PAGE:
Food & Beverages: The Four Industry DriversPosted on August 20th, 2020 in Industry News
With the global food and beverages (F&B) sector poised for enormous growth to satisfy increasing populations and consumer demands, manufacturers need to find ways to leverage emerging trends to keep their business competitive.
Tech firm ABB’s recent whitepaper A taste of the future – understanding what’s driving food & beverage in 2020 and beyond outlined the main global and consumer trends that are expected to characterise the sector over the next few years and the four key drivers underpinning them, namely:
Industry experts surveyed by ABB emphasised the importance of transparency for maintaining trust with consumers, suppliers and industry regulators in today’s connected age. This impacts on all areas of a business, from the C-suite to packaging and marketing.
Artificial intelligence (AI)
Automating processes improves productivity and sustainability while reducing errors, all of which can help small businesses to compete more effectively and large brands to regain lost consumer trust.
Improved quality control at all stages reduces complaints and more importantly keeps customers safe, especially crucial in the current health crisis.
AI sensors that are capable of learning can help businesses to lower their energy costs and shorten production timelines while also collecting real-time data for transparency.
Data stored in a blockchain network is immutable and available to anyone with appropriate permission, showing a manufacturer’s transparency and trust in its stakeholders.
As real-time data storage can highlight safety issues before they become more serious, it’s estimated that increasing adoption of blockchain systems could save F&B businesses around US$31 billion per year.
‘Smart’ packaging labels that can be scanned by smartphones and other sensors give consumers and retailers more information than it’s possible or convenient to include on traditional packaging.
From sell-by dates to warnings over possible allergies, consumers can see the information they need at a glance.
Retailers and warehouses can also organise items by use-by date more efficiently, helping to reduce the amount of food waste going to landfill and working towards the circular economy.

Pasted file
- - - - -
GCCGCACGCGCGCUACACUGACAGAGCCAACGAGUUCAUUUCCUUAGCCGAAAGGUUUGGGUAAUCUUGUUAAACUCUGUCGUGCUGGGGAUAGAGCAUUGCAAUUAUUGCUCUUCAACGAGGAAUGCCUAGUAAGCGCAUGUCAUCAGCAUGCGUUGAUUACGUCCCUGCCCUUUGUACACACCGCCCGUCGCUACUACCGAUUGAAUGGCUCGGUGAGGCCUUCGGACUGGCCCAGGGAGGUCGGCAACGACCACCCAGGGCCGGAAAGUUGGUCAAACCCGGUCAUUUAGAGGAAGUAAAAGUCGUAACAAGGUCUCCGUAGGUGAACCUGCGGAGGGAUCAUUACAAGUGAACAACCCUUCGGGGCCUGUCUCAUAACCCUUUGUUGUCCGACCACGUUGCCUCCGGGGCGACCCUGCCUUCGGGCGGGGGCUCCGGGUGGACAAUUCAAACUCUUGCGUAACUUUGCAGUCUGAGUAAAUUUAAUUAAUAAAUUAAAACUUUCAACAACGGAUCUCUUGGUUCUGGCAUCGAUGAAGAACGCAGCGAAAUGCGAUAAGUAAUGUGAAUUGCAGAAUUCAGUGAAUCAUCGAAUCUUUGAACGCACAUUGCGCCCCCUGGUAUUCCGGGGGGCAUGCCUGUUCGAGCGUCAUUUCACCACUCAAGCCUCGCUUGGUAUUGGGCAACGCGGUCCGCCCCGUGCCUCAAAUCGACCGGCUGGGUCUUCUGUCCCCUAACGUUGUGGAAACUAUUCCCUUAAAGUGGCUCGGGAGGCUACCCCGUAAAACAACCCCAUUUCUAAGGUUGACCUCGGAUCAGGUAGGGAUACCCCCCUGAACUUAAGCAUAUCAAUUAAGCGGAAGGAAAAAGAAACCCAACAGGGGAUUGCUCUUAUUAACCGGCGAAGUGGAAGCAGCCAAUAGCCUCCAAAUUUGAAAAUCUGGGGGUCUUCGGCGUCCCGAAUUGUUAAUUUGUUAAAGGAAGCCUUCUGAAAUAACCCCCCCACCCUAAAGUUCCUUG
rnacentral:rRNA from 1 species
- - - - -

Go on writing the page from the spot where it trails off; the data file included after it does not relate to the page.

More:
F&B businesses can no longer afford to ignore environmental issues, with many consumers choosing brands based on their green credentials and government and industry regulations clamping down harder on emissions.
Sustainable supply chains
From manufacturing to distribution, F&B businesses should ensure that all stages of production are as efficient as possible to minimise unnecessary waste and emissions.
This is likely to see more businesses using local producers to reduce the need for long-distance transport and efficient models such as vertical farming that require less land and water to produce the same yields.
As more consumers embrace ecommerce to order food and beverages directly to their homes, transport requirements (and refrigeration) will increase. To avoid significantly increasing their carbon footprint, F&B brands can explore electric vehicles and the more novel alternative of drone delivery.
As of September 2019, retailers and manufacturers in 44 countries have either introduced or considered implementing drone delivery to save on costs and help them to meet emission targets.
More ecommerce deliveries means consumers are having to manage more food packaging than ever before, and this is making environmental concerns harder to ignore.
The plastic backlash has reduced during the coronavirus pandemic, but manufacturers and retailers should expect to see it return in full force later. Consumers post-COVID will expect packaging to be both sustainable and safe, which may require research and development of new packaging materials.
As well as demanding transparency and sustainability from businesses, consumers are increasingly seeking new experiences. F&B brands need to pay attention to emerging trends among their target consumers or influence their own trends through effective market research and social listening.
Today’s consumers expect brands to cater to their specific needs, whether it’s for taste, avoiding allergies and intolerance or the trend for ‘functional’ foods with ingredients claimed to help reduce stress, enhance memory and other health and wellness benefits.
Automating processes can make it easier for manufacturers to diversify their product ranges and cater to a broader range of consumer demands than previously.
Retailers can introduce personal touches in stores such as on-site greenhouses that invite consumers to pick fresh produce themselves.
Coronavirus lockdowns aside, consumers are spending less time cooking at home than ever, increasing demand for convenient foods that don’t compromise on quality.
Direct to consumer deliveries
As more consumers embrace the convenience of online food shopping and takeaway orders, many manufacturers will find it more efficient to deal directly with customers rather than through the intermediary of a large retailer.
Moving to a delivery model is no small task, but introducing automation, drone deliveries and other solutions addressed across these categories can make the transition easier and help even the smallest food business to stay competitive.
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